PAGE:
In category theory, a monad can be constructed from two adjoint functors. In particular, if C and D are categories and F : C --> D and G : D --> C are adjoint functors, in the sense that there is a bijection

hom(FX,Y) = hom(X,GY)

for each X in C and Y in D then the composition G o F : C --> C is a monad.

One such pair of adjoint functors can be given by fixing a type `b` and taking `F` and `G` to be

``````data F b a = F (a,b)
data G b a = G (b -> a)

instance Functor (F b) where
fmap f (F (a,b)) = F (f a, b)

instance Functor (G b) where
fmap f (G g) = G (f . g)
``````

and the bijection between hom-sets is given (modulo constructors) by currying:

``````iso1 :: (F b a -> c) -> a -> G b c
iso1 f = \a -> G \$ \b -> f (F (a,b))

iso2 :: (a -> G b c) -> F b a -> c
iso2 g = \(F (a,b)) -> let (G g') = g a in g' b
``````

in which case the corresponding monad is

``````data M b a = M { unM :: b -> (a,b) }

return a    = M (\b -> (a,b))
(M f) >>= g = M (\r -> let (a,r') = f r in unM (g r') a)
``````

I don't know what the name for this monad should be, except that it seems to be something like a reader monad that carries around a piece of over-writeable information (edit: dbaupp points out in the comments that this is the `State` monad.)

So the `State` monad can be "decomposed" as the pair of adjoint functors `F` and `G`, and we could write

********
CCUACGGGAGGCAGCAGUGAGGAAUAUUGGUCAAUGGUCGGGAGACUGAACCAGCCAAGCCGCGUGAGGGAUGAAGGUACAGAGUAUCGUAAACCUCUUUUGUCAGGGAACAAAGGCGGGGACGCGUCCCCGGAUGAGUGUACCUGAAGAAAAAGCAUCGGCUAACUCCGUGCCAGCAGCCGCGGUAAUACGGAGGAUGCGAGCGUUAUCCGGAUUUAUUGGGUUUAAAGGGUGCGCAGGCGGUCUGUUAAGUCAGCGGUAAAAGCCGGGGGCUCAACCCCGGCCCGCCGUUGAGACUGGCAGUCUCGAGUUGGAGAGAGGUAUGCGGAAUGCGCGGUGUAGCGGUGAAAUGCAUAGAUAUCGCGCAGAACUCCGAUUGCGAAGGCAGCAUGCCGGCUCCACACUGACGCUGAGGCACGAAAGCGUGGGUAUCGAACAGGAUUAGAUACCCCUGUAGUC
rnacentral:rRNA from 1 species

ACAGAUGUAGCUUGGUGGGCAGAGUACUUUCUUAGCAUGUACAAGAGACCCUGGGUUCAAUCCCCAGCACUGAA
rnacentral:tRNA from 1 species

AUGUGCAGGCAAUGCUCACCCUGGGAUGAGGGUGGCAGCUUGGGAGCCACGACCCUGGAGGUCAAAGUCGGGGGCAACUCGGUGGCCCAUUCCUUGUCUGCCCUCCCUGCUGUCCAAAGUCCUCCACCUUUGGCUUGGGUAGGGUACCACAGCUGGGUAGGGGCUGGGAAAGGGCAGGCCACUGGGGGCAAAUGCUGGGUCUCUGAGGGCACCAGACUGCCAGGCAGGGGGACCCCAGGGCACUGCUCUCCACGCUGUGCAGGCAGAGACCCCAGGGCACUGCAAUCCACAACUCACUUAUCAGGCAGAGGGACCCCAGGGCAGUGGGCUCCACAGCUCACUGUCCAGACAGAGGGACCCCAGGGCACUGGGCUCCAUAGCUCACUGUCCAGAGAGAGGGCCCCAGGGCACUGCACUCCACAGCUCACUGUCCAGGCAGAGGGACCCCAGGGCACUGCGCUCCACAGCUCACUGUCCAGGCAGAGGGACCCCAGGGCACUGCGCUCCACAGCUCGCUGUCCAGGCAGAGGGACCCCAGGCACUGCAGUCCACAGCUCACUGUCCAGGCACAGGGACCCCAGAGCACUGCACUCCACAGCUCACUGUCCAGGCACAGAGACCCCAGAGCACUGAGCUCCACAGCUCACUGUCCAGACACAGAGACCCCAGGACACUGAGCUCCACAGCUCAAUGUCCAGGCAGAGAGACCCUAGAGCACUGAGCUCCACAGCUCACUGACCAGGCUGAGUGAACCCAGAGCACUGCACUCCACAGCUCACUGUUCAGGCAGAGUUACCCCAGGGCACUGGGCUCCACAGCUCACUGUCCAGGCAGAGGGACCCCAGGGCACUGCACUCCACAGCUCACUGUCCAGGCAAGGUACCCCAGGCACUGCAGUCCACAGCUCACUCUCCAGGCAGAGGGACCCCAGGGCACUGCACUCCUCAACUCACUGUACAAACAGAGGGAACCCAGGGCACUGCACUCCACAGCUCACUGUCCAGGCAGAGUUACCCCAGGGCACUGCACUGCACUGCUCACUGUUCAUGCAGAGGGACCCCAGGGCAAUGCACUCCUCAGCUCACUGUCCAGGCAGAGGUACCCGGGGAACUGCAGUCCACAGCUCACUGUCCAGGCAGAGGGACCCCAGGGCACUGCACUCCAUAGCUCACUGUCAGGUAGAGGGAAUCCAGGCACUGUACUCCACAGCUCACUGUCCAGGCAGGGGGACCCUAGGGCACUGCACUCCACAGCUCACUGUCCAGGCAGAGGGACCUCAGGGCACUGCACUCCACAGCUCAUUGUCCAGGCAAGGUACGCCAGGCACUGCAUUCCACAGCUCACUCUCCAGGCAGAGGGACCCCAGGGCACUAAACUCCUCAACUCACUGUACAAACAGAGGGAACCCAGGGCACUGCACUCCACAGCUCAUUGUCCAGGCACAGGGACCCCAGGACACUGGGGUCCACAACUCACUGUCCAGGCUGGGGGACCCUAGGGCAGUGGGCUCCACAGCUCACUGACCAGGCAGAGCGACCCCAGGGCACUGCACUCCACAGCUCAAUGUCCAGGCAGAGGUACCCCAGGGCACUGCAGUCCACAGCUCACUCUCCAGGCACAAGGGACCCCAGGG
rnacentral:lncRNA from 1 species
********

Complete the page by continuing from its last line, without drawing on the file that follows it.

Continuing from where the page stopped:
``````State = G . F
``````

So far, so good.

I'm now trying to figure out how to decompose other common monads into pairs of adjoint functors - for example `Maybe`, `[]`, `Reader`, `Writer`, `Cont` - but I can't figure out what the pairs of adjoint functors that we can "decompose" them into are.

The only simple case seems to be the `Identity` monad, which can be decomposed into any pair of functors `F` and `G` such that `F` is inverse to `G` (in particularly, you could just take `F = Identity` and `G = Identity`).

Can anyone shed some light?

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The monad you construct is the state monad. –  huon-dbaupp Dec 18 '12 at 16:35
Ah, of course. I'll add this to my list of "times I have reinvented a well-known monad instance without realising it." –  Chris Taylor Dec 18 '12 at 16:41
The decomposition of a monad into a composition of appoint functors is not unique, in fact, for any monad there is a whole category of such decompositions. Probably the two most useful decompositions are terminal and initial ones: the ones in which the right adjoint is the forgetful functor from (1) the category of algebras for the monad (the Eilenberg-Moore category) and (2) the category of free algebras for the monad (the Kleisli category). –  Omar Antolín-Camarena Jan 10 '13 at 15:23
@Omar: What is this category called? –  Sebastien Mar 20 '13 at 22:28
@Sebastien: I don't think it has a fully standardized name, but if you call it "the category of adjunctions for the monad" everyone will know what you mean. –  Omar Antolín-Camarena Mar 23 '13 at 19:56

What you're looking for is Kleisli category. It was originally developed to show that every monad can be constructed from two adjoint functors.